If the first rule of real estate is “location, location, location,” the second most important consideration may be square footage.
While that may sound like an inconsequential metric on some levels, it’s actually critical for home buyers and sellers to pay attention to it—and get it right.
Practically speaking, square footage tells you the size of a house and whether you’ll be able to fit a king-size bed in the bedroom or your grandmother’s baby grand piano in the living room.
It also plays a huge role in pricing a home. Getting square footage wrong can be a big headache and a costly mistake. For instance, you don’t want to pay too much for a home that’s smaller than you thought it was.
Why Measure Square Footage of a House?
Buying or selling a home are not the only reasons you might want to measure its square footage.
You may also need to do so if you want to dispute a high tax assessment or apply for permits to add on to your house.
In selling a house, square footage plays a big role in determining the asking price.
Real estate agents will look at comps in the neighborhood—houses of similar size and style—that have sold recently to help them gauge demand for this new listing and set a price.
Square footage isn’t the only factor in pricing a home. An agent will also look at things like condition and building materials when determining value.
For those who are buying a home, square footage will play a big part in the price. It’s important that buyers verify that the listed square footage is correct so they know they are getting the space they’re paying for.
When you’re securing a mortgage loan, the lender will need to verify square footage as well, to make sure the house is worth the price the buyer and seller have settled on.
Lenders send an appraiser to look at the house to spot anything else that will adversely affect the value of the home, such as cracked walls, leaky foundations, and roofs that need repair.
If a lender’s appraiser finds discrepancies in square footage, there may be issues with a mortgage going through. Lenders may be unwilling to underwrite a loan for a house they think is overvalued for its size.
To save time, buyers should consider doing their due diligence and measure square footage before putting in an offer. Because the size of a house helps determine its value, it also influences property tax assessments.
Homeowners who think their property is overvalued for tax purposes can dispute the assessment. Confirming square footage is a good place to start. If a home is actually smaller than the recorded size, that may put a homeowner in a favorable position to have property taxes reduced.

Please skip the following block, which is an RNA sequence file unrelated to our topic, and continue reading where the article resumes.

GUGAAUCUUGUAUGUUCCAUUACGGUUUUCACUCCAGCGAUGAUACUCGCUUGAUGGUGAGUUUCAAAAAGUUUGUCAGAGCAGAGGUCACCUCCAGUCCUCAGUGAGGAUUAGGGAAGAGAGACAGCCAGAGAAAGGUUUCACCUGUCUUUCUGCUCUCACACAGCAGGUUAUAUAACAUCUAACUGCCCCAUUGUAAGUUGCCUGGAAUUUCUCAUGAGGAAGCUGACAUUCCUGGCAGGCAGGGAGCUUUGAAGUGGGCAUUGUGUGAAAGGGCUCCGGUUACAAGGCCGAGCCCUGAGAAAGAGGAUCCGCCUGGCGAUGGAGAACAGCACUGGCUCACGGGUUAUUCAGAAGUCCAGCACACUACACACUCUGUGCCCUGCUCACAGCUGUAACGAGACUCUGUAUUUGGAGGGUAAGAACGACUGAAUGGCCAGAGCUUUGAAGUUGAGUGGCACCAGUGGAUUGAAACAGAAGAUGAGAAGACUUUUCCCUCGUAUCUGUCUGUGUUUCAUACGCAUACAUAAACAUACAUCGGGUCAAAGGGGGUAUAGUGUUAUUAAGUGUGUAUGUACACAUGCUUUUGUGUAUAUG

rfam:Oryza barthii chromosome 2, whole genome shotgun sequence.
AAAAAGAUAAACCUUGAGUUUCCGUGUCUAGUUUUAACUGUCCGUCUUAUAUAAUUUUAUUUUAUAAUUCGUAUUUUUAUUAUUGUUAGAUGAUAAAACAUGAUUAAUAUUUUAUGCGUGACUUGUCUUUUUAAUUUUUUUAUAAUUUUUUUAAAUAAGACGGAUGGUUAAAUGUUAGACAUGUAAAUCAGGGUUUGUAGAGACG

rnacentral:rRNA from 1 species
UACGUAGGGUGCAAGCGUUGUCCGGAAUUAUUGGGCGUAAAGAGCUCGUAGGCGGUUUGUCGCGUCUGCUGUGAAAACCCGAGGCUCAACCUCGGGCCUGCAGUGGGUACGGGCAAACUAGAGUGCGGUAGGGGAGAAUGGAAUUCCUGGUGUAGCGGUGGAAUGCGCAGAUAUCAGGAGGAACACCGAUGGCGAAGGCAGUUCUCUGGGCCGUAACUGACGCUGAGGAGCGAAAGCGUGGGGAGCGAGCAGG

There are a number of reasons the assessed size of your home could be off. Assessors may have used an estimate for their initial assessment, builders may have made a calculation error when they were filing for building permits, or a portion of the house in the initial plans may never have been finished.
If you think the square footage in the public record isn’t correct, contact your city’s assessment department and ask for a review. The city may ask you to file an appeal or a grievance.
Finally, if you’re planning on remodeling your home or putting on an addition, you may need to know your square footage in order to pull a building permit for the work you want to do.
How to Measure Square Footage
There are no hard and fast rules about what parts of your house should be included in a square footage measurement.
The American National Standards Institute provides the generally accepted guidelines about how to calculate square footage, but there are no laws governing the issue, and standards may vary by region or even by listing agent. These discrepancies are another good reason to double-check square footage yourself.
That said, the gross living area is what most people mean when they discuss square footage. Here’s an easy way to calculate it yourself.
First, get prepared to brush off your drawing skills, and bust out a pen and paper—preferably graph paper. Each square of the graph paper can represent 1 square foot.